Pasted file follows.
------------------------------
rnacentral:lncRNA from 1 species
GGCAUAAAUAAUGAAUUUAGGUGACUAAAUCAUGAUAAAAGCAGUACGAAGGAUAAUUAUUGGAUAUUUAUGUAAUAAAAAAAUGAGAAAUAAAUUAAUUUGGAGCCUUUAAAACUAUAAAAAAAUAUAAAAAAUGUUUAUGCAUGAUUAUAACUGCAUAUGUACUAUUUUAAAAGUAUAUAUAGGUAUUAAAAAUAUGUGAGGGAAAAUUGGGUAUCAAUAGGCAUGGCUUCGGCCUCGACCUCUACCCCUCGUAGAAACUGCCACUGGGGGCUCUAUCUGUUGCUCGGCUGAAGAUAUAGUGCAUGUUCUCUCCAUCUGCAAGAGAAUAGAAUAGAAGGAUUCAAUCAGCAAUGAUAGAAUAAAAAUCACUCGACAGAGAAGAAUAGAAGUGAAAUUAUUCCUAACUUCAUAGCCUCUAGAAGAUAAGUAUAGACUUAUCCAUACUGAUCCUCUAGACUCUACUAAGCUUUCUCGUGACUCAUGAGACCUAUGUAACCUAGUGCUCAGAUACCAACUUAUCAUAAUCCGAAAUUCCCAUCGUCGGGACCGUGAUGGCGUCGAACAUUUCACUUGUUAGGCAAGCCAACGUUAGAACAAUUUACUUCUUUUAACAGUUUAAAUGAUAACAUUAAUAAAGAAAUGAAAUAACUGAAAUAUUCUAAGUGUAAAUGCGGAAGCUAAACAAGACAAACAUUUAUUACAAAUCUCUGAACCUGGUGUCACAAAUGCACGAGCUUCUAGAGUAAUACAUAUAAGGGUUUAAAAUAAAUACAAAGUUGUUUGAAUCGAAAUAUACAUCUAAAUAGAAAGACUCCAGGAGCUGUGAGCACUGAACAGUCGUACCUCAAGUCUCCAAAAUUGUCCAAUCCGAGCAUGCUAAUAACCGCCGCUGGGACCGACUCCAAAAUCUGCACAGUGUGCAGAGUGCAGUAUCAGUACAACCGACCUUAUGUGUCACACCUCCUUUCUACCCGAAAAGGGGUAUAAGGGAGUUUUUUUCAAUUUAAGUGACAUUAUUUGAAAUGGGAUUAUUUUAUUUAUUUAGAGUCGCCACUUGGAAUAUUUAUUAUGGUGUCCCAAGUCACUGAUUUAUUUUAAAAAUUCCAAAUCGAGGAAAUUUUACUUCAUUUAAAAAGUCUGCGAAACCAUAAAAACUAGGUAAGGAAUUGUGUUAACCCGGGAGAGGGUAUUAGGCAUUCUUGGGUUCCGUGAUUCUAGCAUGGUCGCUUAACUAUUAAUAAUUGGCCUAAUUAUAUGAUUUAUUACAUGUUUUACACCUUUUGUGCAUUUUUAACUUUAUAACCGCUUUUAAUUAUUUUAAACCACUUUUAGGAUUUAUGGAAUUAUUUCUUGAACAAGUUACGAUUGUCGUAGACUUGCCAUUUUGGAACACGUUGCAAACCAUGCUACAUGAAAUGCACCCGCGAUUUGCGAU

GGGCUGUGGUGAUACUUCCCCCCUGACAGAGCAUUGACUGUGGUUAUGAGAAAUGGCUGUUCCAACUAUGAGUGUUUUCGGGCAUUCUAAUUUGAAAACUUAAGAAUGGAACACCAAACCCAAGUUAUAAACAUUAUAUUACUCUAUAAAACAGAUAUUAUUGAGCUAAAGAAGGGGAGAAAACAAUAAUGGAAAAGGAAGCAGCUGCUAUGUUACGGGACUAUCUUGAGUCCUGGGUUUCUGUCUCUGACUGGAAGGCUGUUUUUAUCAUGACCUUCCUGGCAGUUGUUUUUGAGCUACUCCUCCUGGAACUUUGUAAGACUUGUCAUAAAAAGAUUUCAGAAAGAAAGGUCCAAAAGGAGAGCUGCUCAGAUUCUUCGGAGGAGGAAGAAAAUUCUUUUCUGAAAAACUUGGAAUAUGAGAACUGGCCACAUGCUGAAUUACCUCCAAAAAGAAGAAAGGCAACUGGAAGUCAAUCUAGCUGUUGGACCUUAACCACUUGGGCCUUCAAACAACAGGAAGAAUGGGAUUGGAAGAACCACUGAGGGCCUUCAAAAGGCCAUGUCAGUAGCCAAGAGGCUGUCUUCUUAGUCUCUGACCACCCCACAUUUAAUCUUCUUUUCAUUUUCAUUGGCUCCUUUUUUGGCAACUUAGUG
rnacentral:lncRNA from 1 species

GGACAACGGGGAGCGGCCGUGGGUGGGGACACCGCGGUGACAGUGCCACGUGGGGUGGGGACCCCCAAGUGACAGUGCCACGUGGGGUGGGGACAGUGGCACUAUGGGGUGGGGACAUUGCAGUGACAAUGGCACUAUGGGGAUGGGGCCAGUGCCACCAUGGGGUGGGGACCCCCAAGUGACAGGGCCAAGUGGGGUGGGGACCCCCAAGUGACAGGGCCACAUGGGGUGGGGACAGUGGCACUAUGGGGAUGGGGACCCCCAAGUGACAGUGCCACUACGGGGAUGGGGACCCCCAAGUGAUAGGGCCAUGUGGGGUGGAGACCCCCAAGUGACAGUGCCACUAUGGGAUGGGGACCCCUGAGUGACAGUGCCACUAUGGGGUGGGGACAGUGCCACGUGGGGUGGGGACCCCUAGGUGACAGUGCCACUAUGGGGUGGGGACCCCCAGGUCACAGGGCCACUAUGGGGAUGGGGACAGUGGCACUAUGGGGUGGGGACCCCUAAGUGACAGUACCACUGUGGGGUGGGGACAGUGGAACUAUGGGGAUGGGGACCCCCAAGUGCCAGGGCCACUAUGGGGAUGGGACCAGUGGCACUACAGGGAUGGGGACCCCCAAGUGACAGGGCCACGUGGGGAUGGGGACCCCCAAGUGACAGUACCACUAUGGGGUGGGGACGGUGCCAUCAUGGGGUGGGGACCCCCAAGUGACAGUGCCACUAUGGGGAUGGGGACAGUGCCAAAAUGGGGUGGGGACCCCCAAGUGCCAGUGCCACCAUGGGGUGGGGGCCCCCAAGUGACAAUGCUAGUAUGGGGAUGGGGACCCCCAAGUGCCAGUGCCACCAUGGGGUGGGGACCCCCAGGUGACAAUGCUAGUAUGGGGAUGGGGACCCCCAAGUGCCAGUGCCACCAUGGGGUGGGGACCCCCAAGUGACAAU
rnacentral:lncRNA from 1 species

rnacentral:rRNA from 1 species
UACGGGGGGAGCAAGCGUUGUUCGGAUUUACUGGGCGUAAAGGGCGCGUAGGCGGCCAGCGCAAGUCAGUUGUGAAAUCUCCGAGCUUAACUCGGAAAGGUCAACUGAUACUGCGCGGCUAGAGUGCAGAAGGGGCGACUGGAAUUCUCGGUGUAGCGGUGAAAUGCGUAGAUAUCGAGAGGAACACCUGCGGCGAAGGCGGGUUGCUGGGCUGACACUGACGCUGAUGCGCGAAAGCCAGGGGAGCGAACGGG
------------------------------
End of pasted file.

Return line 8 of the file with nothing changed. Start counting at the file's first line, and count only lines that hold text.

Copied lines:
UACGGGGGGAGCAAGCGUUGUUCGGAUUUACUGGGCGUAAAGGGCGCGUAGGCGGCCAGCGCAAGUCAGUUGUGAAAUCUCCGAGCUUAACUCGGAAAGGUCAACUGAUACUGCGCGGCUAGAGUGCAGAAGGGGCGACUGGAAUUCUCGGUGUAGCGGUGAAAUGCGUAGAUAUCGAGAGGAACACCUGCGGCGAAGGCGGGUUGCUGGGCUGACACUGACGCUGAUGCGCGAAAGCCAGGGGAGCGAACGGG